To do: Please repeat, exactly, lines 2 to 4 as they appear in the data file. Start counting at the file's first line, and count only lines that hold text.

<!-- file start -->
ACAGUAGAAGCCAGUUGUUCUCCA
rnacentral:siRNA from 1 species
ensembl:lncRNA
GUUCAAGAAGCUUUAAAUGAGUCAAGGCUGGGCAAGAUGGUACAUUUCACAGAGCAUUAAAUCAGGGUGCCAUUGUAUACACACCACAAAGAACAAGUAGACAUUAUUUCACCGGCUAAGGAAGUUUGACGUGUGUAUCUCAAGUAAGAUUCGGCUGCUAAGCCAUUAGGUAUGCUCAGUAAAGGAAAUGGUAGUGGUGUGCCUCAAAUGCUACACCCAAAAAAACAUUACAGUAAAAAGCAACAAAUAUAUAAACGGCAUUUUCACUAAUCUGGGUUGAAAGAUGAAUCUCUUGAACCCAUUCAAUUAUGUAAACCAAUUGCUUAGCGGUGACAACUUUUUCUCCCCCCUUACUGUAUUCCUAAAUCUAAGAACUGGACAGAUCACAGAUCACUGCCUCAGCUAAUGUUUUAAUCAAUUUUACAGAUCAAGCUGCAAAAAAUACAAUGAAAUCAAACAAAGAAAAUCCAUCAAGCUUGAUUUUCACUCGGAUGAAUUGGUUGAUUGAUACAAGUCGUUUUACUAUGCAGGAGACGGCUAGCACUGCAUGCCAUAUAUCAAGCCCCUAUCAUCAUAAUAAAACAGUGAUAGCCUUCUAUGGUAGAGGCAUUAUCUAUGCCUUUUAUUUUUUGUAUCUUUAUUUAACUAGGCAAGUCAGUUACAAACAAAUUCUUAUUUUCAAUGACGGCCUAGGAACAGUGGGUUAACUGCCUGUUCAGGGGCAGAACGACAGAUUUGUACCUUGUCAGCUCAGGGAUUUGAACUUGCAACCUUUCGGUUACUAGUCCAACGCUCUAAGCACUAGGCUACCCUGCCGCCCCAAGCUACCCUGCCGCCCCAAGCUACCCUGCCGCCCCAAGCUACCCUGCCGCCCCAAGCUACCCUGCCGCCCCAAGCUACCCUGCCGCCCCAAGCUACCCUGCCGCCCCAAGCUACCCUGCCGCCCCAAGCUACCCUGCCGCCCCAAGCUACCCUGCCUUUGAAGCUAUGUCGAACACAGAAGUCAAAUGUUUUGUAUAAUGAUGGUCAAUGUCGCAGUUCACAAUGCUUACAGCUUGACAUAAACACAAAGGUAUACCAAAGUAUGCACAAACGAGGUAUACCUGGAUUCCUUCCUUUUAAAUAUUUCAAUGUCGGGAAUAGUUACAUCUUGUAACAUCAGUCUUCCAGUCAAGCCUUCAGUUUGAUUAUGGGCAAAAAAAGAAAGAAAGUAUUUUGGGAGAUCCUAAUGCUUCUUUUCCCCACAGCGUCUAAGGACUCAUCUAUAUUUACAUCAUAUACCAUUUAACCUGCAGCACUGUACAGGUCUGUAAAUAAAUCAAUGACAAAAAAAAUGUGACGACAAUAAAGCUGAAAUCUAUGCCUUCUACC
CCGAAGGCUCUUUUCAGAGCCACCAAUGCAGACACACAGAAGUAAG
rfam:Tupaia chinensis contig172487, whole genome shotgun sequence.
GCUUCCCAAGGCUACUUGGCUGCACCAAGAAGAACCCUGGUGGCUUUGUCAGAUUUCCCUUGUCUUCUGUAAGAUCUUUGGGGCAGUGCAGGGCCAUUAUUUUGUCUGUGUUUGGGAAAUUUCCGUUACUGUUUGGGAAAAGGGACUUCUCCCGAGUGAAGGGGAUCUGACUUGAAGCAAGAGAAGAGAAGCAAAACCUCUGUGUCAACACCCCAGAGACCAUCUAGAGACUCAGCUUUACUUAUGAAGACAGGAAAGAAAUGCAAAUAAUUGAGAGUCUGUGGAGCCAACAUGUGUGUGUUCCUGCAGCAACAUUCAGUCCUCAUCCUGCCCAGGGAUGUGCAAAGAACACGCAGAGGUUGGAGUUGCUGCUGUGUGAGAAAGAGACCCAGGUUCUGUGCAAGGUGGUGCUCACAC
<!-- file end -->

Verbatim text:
rnacentral:siRNA from 1 species
ensembl:lncRNA
GUUCAAGAAGCUUUAAAUGAGUCAAGGCUGGGCAAGAUGGUACAUUUCACAGAGCAUUAAAUCAGGGUGCCAUUGUAUACACACCACAAAGAACAAGUAGACAUUAUUUCACCGGCUAAGGAAGUUUGACGUGUGUAUCUCAAGUAAGAUUCGGCUGCUAAGCCAUUAGGUAUGCUCAGUAAAGGAAAUGGUAGUGGUGUGCCUCAAAUGCUACACCCAAAAAAACAUUACAGUAAAAAGCAACAAAUAUAUAAACGGCAUUUUCACUAAUCUGGGUUGAAAGAUGAAUCUCUUGAACCCAUUCAAUUAUGUAAACCAAUUGCUUAGCGGUGACAACUUUUUCUCCCCCCUUACUGUAUUCCUAAAUCUAAGAACUGGACAGAUCACAGAUCACUGCCUCAGCUAAUGUUUUAAUCAAUUUUACAGAUCAAGCUGCAAAAAAUACAAUGAAAUCAAACAAAGAAAAUCCAUCAAGCUUGAUUUUCACUCGGAUGAAUUGGUUGAUUGAUACAAGUCGUUUUACUAUGCAGGAGACGGCUAGCACUGCAUGCCAUAUAUCAAGCCCCUAUCAUCAUAAUAAAACAGUGAUAGCCUUCUAUGGUAGAGGCAUUAUCUAUGCCUUUUAUUUUUUGUAUCUUUAUUUAACUAGGCAAGUCAGUUACAAACAAAUUCUUAUUUUCAAUGACGGCCUAGGAACAGUGGGUUAACUGCCUGUUCAGGGGCAGAACGACAGAUUUGUACCUUGUCAGCUCAGGGAUUUGAACUUGCAACCUUUCGGUUACUAGUCCAACGCUCUAAGCACUAGGCUACCCUGCCGCCCCAAGCUACCCUGCCGCCCCAAGCUACCCUGCCGCCCCAAGCUACCCUGCCGCCCCAAGCUACCCUGCCGCCCCAAGCUACCCUGCCGCCCCAAGCUACCCUGCCGCCCCAAGCUACCCUGCCGCCCCAAGCUACCCUGCCGCCCCAAGCUACCCUGCCUUUGAAGCUAUGUCGAACACAGAAGUCAAAUGUUUUGUAUAAUGAUGGUCAAUGUCGCAGUUCACAAUGCUUACAGCUUGACAUAAACACAAAGGUAUACCAAAGUAUGCACAAACGAGGUAUACCUGGAUUCCUUCCUUUUAAAUAUUUCAAUGUCGGGAAUAGUUACAUCUUGUAACAUCAGUCUUCCAGUCAAGCCUUCAGUUUGAUUAUGGGCAAAAAAAGAAAGAAAGUAUUUUGGGAGAUCCUAAUGCUUCUUUUCCCCACAGCGUCUAAGGACUCAUCUAUAUUUACAUCAUAUACCAUUUAACCUGCAGCACUGUACAGGUCUGUAAAUAAAUCAAUGACAAAAAAAAUGUGACGACAAUAAAGCUGAAAUCUAUGCCUUCUACC